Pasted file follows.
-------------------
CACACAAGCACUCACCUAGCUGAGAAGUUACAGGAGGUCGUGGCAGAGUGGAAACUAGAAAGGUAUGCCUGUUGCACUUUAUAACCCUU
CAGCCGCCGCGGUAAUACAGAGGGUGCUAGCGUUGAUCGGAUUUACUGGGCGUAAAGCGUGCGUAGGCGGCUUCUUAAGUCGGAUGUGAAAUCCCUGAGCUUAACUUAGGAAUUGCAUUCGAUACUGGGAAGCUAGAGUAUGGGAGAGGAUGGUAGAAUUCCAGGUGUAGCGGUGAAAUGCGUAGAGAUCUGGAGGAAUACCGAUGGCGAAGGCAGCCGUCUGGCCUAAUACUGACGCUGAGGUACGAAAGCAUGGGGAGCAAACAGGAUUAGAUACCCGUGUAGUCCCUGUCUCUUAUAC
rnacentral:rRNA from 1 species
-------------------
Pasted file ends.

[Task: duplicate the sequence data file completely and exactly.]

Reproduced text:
CACACAAGCACUCACCUAGCUGAGAAGUUACAGGAGGUCGUGGCAGAGUGGAAACUAGAAAGGUAUGCCUGUUGCACUUUAUAACCCUU
CAGCCGCCGCGGUAAUACAGAGGGUGCUAGCGUUGAUCGGAUUUACUGGGCGUAAAGCGUGCGUAGGCGGCUUCUUAAGUCGGAUGUGAAAUCCCUGAGCUUAACUUAGGAAUUGCAUUCGAUACUGGGAAGCUAGAGUAUGGGAGAGGAUGGUAGAAUUCCAGGUGUAGCGGUGAAAUGCGUAGAGAUCUGGAGGAAUACCGAUGGCGAAGGCAGCCGUCUGGCCUAAUACUGACGCUGAGGUACGAAAGCAUGGGGAGCAAACAGGAUUAGAUACCCGUGUAGUCCCUGUCUCUUAUAC
rnacentral:rRNA from 1 species